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Breast Health

Your breasts are made up of tissues that produce milk (glandular tissue), connective tissue, and fat. Younger women tend to have more glandular tissue in their breasts than older women, making their breasts more dense.


Each breast is arranged into 15-20 sections called lobes, and each lobe contains a number of milk-producing glands called lobules. Milk produced by the lobules is carried through a network of passageways called ducts, which eventually join together and exit the breast through the nipple.


Connective tissue helps to provide support and give shape to your breasts. Your breasts also have a small amount of muscle. Muscle tissue in the nipple allows it to become erect in response to stimulation or breastfeeding. Muscle tissue around the lobules helps squeeze milk into the ducts. Glands on the areola secrete small amounts of fluid to lubricate the nipple when breastfeeding.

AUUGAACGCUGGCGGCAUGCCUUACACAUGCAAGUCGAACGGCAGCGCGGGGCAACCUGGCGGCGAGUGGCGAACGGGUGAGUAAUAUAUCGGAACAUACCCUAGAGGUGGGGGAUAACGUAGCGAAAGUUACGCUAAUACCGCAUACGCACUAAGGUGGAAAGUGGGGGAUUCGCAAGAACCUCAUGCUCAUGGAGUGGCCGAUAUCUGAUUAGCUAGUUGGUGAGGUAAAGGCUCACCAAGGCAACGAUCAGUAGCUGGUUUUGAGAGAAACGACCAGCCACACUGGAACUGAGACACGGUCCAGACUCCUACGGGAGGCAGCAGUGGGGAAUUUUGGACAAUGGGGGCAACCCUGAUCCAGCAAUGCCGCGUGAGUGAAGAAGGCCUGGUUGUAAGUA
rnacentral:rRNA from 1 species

Your breasts also contain lymph nodes joined by a network of lymph vessels, blood vessels, and nerves which provide feeling to the breast.1

 

References
1.Canadian Breast Cancer Foundation (now Canadian Cancer Society)  The Healthy Breast

  

Created February 2003

Revised May 3, 2017

 

I have a cousin struck with breast cancer at 29 yr old, fifth lady to have it on her side of the family. She is a very positive survivor with the great love of her mother and good caregiver. She loves positive affirmation and looks forward to having a child once given ok once treatment complete. Keep up your hard work.
Joanne Bouchard RPN, Mattawa
  
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